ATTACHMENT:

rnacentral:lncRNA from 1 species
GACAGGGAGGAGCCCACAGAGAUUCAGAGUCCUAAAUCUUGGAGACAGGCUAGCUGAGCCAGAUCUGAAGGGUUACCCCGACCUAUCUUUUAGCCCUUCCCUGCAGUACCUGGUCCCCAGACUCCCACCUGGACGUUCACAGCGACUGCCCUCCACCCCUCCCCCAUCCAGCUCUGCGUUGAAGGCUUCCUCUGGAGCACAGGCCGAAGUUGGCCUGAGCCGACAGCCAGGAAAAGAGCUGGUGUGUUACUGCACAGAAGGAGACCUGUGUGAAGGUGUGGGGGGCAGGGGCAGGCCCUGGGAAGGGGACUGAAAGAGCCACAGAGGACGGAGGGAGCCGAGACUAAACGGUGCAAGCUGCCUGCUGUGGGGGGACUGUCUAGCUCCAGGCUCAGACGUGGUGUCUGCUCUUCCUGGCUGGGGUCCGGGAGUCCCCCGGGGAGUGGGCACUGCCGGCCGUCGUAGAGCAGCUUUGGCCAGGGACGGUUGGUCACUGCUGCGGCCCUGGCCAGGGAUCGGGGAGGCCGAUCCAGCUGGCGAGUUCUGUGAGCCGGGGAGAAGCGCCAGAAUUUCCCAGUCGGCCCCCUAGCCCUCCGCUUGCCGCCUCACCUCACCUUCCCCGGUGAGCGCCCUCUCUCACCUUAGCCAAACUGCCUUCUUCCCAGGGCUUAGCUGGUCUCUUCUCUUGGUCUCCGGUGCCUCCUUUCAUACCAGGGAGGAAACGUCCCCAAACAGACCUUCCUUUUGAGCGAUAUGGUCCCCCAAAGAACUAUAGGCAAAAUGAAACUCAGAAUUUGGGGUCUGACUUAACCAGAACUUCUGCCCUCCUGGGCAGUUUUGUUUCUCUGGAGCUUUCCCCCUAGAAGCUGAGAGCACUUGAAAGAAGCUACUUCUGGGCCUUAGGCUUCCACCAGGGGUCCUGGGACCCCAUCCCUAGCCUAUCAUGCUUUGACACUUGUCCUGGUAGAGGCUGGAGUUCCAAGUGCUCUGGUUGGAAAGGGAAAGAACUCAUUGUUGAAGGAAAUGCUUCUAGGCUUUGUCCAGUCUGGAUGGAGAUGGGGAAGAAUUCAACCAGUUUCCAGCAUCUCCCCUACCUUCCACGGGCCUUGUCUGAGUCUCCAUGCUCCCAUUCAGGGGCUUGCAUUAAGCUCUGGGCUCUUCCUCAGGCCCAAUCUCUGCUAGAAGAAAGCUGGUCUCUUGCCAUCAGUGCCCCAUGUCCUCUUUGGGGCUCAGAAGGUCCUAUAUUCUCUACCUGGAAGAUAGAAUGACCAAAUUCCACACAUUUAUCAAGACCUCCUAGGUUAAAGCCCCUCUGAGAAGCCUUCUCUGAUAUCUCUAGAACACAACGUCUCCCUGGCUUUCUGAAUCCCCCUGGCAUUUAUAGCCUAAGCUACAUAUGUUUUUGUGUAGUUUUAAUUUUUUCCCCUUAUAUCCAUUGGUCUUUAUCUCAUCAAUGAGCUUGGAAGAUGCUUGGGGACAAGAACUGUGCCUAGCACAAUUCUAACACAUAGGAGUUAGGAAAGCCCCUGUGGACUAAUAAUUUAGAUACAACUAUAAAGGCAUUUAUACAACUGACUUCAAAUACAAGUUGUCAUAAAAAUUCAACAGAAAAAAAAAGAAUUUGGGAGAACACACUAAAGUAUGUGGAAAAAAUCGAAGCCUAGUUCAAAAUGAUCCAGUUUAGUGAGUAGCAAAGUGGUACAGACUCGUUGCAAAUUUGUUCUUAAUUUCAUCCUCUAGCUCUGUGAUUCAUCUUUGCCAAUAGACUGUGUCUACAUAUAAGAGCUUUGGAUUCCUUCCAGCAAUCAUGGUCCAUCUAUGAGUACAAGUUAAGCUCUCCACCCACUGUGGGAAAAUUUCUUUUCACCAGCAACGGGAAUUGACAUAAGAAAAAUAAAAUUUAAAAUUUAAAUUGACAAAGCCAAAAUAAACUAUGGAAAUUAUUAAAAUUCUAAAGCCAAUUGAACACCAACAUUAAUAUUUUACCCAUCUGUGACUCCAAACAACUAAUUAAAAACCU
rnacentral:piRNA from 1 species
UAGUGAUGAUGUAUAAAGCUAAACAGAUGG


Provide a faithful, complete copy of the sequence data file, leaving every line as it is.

rnacentral:lncRNA from 1 species
GACAGGGAGGAGCCCACAGAGAUUCAGAGUCCUAAAUCUUGGAGACAGGCUAGCUGAGCCAGAUCUGAAGGGUUACCCCGACCUAUCUUUUAGCCCUUCCCUGCAGUACCUGGUCCCCAGACUCCCACCUGGACGUUCACAGCGACUGCCCUCCACCCCUCCCCCAUCCAGCUCUGCGUUGAAGGCUUCCUCUGGAGCACAGGCCGAAGUUGGCCUGAGCCGACAGCCAGGAAAAGAGCUGGUGUGUUACUGCACAGAAGGAGACCUGUGUGAAGGUGUGGGGGGCAGGGGCAGGCCCUGGGAAGGGGACUGAAAGAGCCACAGAGGACGGAGGGAGCCGAGACUAAACGGUGCAAGCUGCCUGCUGUGGGGGGACUGUCUAGCUCCAGGCUCAGACGUGGUGUCUGCUCUUCCUGGCUGGGGUCCGGGAGUCCCCCGGGGAGUGGGCACUGCCGGCCGUCGUAGAGCAGCUUUGGCCAGGGACGGUUGGUCACUGCUGCGGCCCUGGCCAGGGAUCGGGGAGGCCGAUCCAGCUGGCGAGUUCUGUGAGCCGGGGAGAAGCGCCAGAAUUUCCCAGUCGGCCCCCUAGCCCUCCGCUUGCCGCCUCACCUCACCUUCCCCGGUGAGCGCCCUCUCUCACCUUAGCCAAACUGCCUUCUUCCCAGGGCUUAGCUGGUCUCUUCUCUUGGUCUCCGGUGCCUCCUUUCAUACCAGGGAGGAAACGUCCCCAAACAGACCUUCCUUUUGAGCGAUAUGGUCCCCCAAAGAACUAUAGGCAAAAUGAAACUCAGAAUUUGGGGUCUGACUUAACCAGAACUUCUGCCCUCCUGGGCAGUUUUGUUUCUCUGGAGCUUUCCCCCUAGAAGCUGAGAGCACUUGAAAGAAGCUACUUCUGGGCCUUAGGCUUCCACCAGGGGUCCUGGGACCCCAUCCCUAGCCUAUCAUGCUUUGACACUUGUCCUGGUAGAGGCUGGAGUUCCAAGUGCUCUGGUUGGAAAGGGAAAGAACUCAUUGUUGAAGGAAAUGCUUCUAGGCUUUGUCCAGUCUGGAUGGAGAUGGGGAAGAAUUCAACCAGUUUCCAGCAUCUCCCCUACCUUCCACGGGCCUUGUCUGAGUCUCCAUGCUCCCAUUCAGGGGCUUGCAUUAAGCUCUGGGCUCUUCCUCAGGCCCAAUCUCUGCUAGAAGAAAGCUGGUCUCUUGCCAUCAGUGCCCCAUGUCCUCUUUGGGGCUCAGAAGGUCCUAUAUUCUCUACCUGGAAGAUAGAAUGACCAAAUUCCACACAUUUAUCAAGACCUCCUAGGUUAAAGCCCCUCUGAGAAGCCUUCUCUGAUAUCUCUAGAACACAACGUCUCCCUGGCUUUCUGAAUCCCCCUGGCAUUUAUAGCCUAAGCUACAUAUGUUUUUGUGUAGUUUUAAUUUUUUCCCCUUAUAUCCAUUGGUCUUUAUCUCAUCAAUGAGCUUGGAAGAUGCUUGGGGACAAGAACUGUGCCUAGCACAAUUCUAACACAUAGGAGUUAGGAAAGCCCCUGUGGACUAAUAAUUUAGAUACAACUAUAAAGGCAUUUAUACAACUGACUUCAAAUACAAGUUGUCAUAAAAAUUCAACAGAAAAAAAAAGAAUUUGGGAGAACACACUAAAGUAUGUGGAAAAAAUCGAAGCCUAGUUCAAAAUGAUCCAGUUUAGUGAGUAGCAAAGUGGUACAGACUCGUUGCAAAUUUGUUCUUAAUUUCAUCCUCUAGCUCUGUGAUUCAUCUUUGCCAAUAGACUGUGUCUACAUAUAAGAGCUUUGGAUUCCUUCCAGCAAUCAUGGUCCAUCUAUGAGUACAAGUUAAGCUCUCCACCCACUGUGGGAAAAUUUCUUUUCACCAGCAACGGGAAUUGACAUAAGAAAAAUAAAAUUUAAAAUUUAAAUUGACAAAGCCAAAAUAAACUAUGGAAAUUAUUAAAAUUCUAAAGCCAAUUGAACACCAACAUUAAUAUUUUACCCAUCUGUGACUCCAAACAACUAAUUAAAAACCU
rnacentral:piRNA from 1 species
UAGUGAUGAUGUAUAAAGCUAAACAGAUGG